[00:26:51] Cindy Otis: Emotion is so incredibly tied to this issue. The most successful conspiracy theories, disinformation campaigns from foreign governments, that sort of thing, those narratives were based on riling up people's emotions. When we're overpowered by things like anger or fear or sadness, depression, that sort of thing. We're not as willing to use critical literacy skills to, you know, look at where information is coming from. We're more likely to share when we feel like we're in constant crisis, we're more likely to share.
[00:27:20] That's why the pandemic was such, I mean, just a swirl of disinformation and conspiracy theories because people around the world felt like our time could be up. Our cities and towns and states are closing. There were a lot of unknowns. We didn't know what this virus was going to do. We didn't have a vaccine at the time and that sort of thing. And people, you know, felt like their lives were on the line. And for many folks, of course, that was true. That sort of state of being in crisis mode ended up generating just a huge amount of false information and conspiracy theories about the pandemic.
[00:27:54] Jordan Harbinger: Disinformation also has its place in conflict though. I mean, I remember in your book and also reading in history, Disney, helping the US military discuss patriotism and generate war support. There was like a cartoon clown Hitler. I don't know if that was Disney or something else during World War II. And that makes sense, but it can also blow up on our face because it creates this cycle of distrust.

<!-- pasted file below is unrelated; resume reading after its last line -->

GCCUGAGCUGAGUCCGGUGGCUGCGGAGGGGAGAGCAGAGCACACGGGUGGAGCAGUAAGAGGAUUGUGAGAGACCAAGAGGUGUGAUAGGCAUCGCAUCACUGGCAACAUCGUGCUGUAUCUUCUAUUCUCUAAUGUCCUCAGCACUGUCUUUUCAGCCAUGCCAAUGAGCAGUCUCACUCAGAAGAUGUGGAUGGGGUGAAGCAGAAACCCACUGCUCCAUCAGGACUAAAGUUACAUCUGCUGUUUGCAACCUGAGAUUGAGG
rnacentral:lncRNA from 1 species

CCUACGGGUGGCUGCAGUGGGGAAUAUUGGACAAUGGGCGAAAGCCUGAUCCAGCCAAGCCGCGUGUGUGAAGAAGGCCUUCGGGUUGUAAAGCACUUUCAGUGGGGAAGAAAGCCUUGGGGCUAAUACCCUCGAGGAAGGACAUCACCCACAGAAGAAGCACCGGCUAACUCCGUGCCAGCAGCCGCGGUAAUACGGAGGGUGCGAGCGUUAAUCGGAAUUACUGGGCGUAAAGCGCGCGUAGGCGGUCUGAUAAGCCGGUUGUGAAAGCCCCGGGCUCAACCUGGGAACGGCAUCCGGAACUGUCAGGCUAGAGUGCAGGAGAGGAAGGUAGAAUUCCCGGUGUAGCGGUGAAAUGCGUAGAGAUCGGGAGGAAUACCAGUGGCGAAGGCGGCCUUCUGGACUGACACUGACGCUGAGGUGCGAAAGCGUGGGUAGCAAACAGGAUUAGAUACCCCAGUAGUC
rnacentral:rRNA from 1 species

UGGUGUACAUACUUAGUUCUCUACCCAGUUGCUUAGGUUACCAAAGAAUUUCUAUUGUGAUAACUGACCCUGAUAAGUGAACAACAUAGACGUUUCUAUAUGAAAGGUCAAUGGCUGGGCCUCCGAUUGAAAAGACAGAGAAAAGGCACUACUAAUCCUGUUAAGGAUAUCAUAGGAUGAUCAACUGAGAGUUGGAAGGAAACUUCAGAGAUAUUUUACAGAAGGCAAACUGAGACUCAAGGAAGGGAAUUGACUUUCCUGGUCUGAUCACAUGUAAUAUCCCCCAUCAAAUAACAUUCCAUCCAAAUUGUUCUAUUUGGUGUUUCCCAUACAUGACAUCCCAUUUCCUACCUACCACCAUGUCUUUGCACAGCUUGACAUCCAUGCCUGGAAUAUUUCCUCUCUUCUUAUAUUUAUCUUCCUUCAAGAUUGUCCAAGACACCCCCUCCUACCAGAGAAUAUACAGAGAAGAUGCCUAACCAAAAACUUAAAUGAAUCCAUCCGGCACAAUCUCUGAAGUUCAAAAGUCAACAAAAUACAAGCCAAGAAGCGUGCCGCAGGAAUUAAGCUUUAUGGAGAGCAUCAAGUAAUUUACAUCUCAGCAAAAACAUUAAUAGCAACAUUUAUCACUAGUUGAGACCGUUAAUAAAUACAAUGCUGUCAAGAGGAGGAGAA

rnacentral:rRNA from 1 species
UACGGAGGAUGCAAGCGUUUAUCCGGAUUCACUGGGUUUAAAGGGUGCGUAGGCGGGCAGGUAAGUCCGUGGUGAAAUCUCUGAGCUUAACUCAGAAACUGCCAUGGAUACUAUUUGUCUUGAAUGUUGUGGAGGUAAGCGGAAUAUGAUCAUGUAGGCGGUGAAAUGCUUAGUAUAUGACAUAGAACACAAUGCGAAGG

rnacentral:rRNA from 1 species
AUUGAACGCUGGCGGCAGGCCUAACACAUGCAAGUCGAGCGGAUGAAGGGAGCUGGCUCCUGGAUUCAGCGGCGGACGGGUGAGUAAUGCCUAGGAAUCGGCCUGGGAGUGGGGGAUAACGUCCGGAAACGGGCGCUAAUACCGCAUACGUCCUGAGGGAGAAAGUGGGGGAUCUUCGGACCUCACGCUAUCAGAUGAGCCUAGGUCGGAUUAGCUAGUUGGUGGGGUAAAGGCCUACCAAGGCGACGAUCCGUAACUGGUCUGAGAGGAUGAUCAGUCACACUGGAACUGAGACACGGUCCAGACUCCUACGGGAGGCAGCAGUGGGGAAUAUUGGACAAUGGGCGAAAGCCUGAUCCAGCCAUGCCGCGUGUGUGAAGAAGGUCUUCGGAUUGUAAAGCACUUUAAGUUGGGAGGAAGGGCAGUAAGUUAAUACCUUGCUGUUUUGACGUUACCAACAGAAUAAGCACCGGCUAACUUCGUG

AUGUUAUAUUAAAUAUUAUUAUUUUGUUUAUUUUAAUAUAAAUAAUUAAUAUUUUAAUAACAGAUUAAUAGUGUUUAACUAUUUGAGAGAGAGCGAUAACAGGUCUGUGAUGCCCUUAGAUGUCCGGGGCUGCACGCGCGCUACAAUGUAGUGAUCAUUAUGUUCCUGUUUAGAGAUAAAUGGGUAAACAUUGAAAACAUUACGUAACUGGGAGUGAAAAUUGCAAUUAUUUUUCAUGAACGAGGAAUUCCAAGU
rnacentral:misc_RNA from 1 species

[00:28:16] And the example you give in the book is Britain or the UK using fake news about German troops to scare. I think it was to scare China into entering the war. They said Germany boils the dead bodies of its troops to make soap. And then of course, when Britain is trying to report what's happening to the Jews and the Gypsies and the Holocaust where they were actually boiled to make soap, people were like, "Yeah, you're not going to get me twice."
[00:28:39] Cindy Otis: Yeah, absolutely. You know, using disinformation in conflict has been occurring since the beginning of time. One of the oldest examples I talk about in the book actually comes from ancient Egypt during a war. And so it's been a key campaign or a key tactic of military strategy from the beginning. But exactly, as you said, the concern with all of this, and I'm sure this comes as a surprise actually, it usually does coming from the former CIA person, but actually using disinformation against a foreign country can have massive consequences when you're trying to get them actually to believe your information instead, right?
[00:29:12] You've created an environment of mistrust among the citizenry. And so they don't feel like they can trust anything. So why would they trust you, especially if you're involved in the conflict? So it's definitely a double-edged sword. The biggest example we're seeing these days of how a military is using disinformation is during Russia's invasion of Ukraine, which is ongoing. They for weeks puddled disinformation ahead of the campaign saying they weren't planning on attacking even as their military was building up on the border. Oh, it's exercises, right? When they invaded, they pushed the idea that, "Oh, it's not actually invasion, it's a special operation, it's peacekeeping."
[00:29:47] And they've continued to sew massive threads of disinformation throughout the campaign. I know you've talked about that with other guests. But that's actually disinformation that they have been pushing, targeting Ukraine since the fall of the Soviet Union. It's all building on each other. And that's another interesting aspect of disinformation is how they build upon narratives, right? Again, going back to the idea of disinformation can be like breadcrumbs that sort of steadily moving people along a path.